Thursday, December 22, 2016

The Case for a Rules-Based Fed

Neel Kashkari is wrong. My proposed rules-based reform of the Fed would not be run by a computer.

By John Taylor. Excerpts:
"in a recent Journal op-ed, Neel Kashkari, president of the Minneapolis Fed...joined the debate by arguing against rules-based reform."

"This is a false characterization of the reforms that I and many others support. In those reforms the Fed would choose and report on its strategy, which would neither be mechanical nor run by a computer."

"the Fed moved away from a rules-based policy in 2003-05 when it held the federal-funds rate well below what was indicated by the favorable experience of the previous two decades. The results were not good. The excessively low rates brought on a risk-taking search for yield and excesses in the housing market."

"During the panic in the fall of 2008, the Fed did a good job"

"But then the Fed moved sharply in an unconventional direction by purchasing large amounts of Treasury and mortgage backed securities, and by holding the fed-funds rates near zero for years after the recession was over.

These policies were ineffective. Economic growth came in consistently below what the Fed forecast and much weaker than in earlier recoveries from deep recessions. Such policies discourage lending by squeezing margins, widen disparities in income distribution, adversely affect savers and increase the volatility of the dollar."

"Because this 12-year period represents a deviation from the more rule-like and predictable monetary policy that worked well in the 1980s and ’90s, many are calling for the Fed to normalize and reform."

"Mr. Kashkari, by contrast, argues that a rules-based approach would shackle Fed policy makers, forcing them to “stick to” a rigid rule “regardless of economic conditions.” That too is false. The Fed could change or deviate from its strategy if circumstances changed, but the Fed would have to explain why. And he wrongly claims that rules cannot take account of changes in productivity growth."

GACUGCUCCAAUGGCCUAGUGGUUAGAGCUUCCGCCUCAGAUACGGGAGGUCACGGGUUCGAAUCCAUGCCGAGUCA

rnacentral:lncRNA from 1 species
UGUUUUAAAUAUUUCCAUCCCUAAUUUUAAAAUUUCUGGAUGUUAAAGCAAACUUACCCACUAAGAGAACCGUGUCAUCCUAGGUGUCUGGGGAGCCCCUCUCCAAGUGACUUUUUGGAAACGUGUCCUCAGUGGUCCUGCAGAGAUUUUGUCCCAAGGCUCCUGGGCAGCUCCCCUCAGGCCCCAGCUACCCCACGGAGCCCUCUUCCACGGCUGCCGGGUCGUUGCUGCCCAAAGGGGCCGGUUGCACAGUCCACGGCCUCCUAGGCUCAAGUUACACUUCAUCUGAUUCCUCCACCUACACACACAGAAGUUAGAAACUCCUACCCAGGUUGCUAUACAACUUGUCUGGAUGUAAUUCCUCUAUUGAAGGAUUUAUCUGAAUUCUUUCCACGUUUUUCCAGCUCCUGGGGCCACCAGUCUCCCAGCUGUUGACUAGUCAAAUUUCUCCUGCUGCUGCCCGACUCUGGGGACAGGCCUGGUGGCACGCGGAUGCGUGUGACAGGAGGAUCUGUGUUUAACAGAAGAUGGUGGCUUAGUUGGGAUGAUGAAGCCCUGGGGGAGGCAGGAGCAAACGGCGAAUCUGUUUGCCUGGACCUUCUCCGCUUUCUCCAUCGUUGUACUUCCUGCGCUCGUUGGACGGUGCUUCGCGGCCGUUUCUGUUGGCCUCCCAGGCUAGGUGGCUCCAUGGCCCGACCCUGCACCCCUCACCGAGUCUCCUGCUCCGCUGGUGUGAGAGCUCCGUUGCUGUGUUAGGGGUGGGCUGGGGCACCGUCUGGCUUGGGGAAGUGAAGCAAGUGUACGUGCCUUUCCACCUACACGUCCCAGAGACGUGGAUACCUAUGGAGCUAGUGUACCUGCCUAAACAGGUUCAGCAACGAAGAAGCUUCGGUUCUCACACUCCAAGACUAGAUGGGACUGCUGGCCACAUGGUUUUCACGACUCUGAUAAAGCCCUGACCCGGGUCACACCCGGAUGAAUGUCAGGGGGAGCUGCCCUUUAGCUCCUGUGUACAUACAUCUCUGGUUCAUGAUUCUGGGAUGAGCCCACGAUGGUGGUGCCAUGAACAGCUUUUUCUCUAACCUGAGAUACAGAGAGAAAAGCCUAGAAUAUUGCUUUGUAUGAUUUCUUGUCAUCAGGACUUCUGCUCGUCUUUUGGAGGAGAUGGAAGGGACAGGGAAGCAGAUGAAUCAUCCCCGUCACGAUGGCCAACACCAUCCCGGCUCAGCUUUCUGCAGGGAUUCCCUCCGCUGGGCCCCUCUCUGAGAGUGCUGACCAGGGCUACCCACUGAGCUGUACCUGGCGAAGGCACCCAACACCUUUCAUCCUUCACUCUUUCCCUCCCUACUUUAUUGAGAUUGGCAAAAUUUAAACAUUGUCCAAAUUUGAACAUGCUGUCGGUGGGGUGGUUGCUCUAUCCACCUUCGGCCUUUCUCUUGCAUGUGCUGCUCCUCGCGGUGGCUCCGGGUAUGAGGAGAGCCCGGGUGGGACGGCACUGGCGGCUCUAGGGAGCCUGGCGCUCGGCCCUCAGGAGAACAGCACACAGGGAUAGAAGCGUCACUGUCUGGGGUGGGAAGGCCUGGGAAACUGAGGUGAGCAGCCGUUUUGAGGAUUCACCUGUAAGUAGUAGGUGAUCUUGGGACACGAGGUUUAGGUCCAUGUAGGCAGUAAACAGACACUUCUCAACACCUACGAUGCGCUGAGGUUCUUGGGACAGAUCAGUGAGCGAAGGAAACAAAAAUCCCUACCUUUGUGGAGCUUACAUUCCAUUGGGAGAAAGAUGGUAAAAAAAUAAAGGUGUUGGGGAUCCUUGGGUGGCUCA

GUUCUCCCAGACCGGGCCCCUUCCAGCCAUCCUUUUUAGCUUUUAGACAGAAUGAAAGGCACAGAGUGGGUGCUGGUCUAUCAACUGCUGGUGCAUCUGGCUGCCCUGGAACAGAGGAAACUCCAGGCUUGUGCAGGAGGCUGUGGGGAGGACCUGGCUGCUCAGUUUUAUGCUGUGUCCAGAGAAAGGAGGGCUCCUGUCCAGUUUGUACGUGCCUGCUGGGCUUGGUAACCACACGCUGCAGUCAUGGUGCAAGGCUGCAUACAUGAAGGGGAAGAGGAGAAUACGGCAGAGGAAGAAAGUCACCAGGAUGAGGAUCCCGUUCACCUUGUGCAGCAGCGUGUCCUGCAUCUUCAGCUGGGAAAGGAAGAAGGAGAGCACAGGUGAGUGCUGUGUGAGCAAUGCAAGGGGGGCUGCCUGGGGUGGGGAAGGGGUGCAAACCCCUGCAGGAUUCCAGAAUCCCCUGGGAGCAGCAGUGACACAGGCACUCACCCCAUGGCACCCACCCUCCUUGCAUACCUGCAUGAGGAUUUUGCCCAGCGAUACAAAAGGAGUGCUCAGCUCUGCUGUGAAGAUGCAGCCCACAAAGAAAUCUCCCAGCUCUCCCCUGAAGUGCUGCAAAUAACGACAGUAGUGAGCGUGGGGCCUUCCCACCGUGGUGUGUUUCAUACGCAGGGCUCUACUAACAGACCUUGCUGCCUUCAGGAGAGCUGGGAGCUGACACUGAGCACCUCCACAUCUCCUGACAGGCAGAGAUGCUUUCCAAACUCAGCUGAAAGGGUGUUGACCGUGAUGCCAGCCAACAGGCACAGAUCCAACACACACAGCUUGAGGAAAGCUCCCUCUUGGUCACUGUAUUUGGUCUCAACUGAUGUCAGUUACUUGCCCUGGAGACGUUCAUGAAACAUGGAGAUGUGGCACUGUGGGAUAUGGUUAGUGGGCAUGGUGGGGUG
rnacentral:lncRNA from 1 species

"The rule calls for central banks to increase interest rates by a certain amount when price inflation rises and to decrease interest rates by a certain amount when the economy goes into a recession.

Mr. Kashkari ignores the hundreds of research papers that have been written on the effectiveness and robustness of such a rule"
"Yet in a recent empirical study, Alex Nikolsko-Rzhevskyy of Lehigh University and David Papell and Ruxandra Prodan of the University of Houston divided U.S. history into periods, like the 1980s and ’90s, where Fed policy basically adhered to the Taylor rule and periods, like the past dozen years, where it did not. Unemployment was 1.4 percentage points lower on average in the Taylor rule periods, and it reached devastating highs of 10% or more in the non-Taylor rule periods."

"they evaluate policy as a continuing contingency strategy—the essential characteristic of monetary rules—rather than as a one-time policy change,"

"Had the Fed not deviated from rules-based policy before the crisis, unemployment would not have increased so much."

"below-rule interest rates in other countries that were connected to crises."

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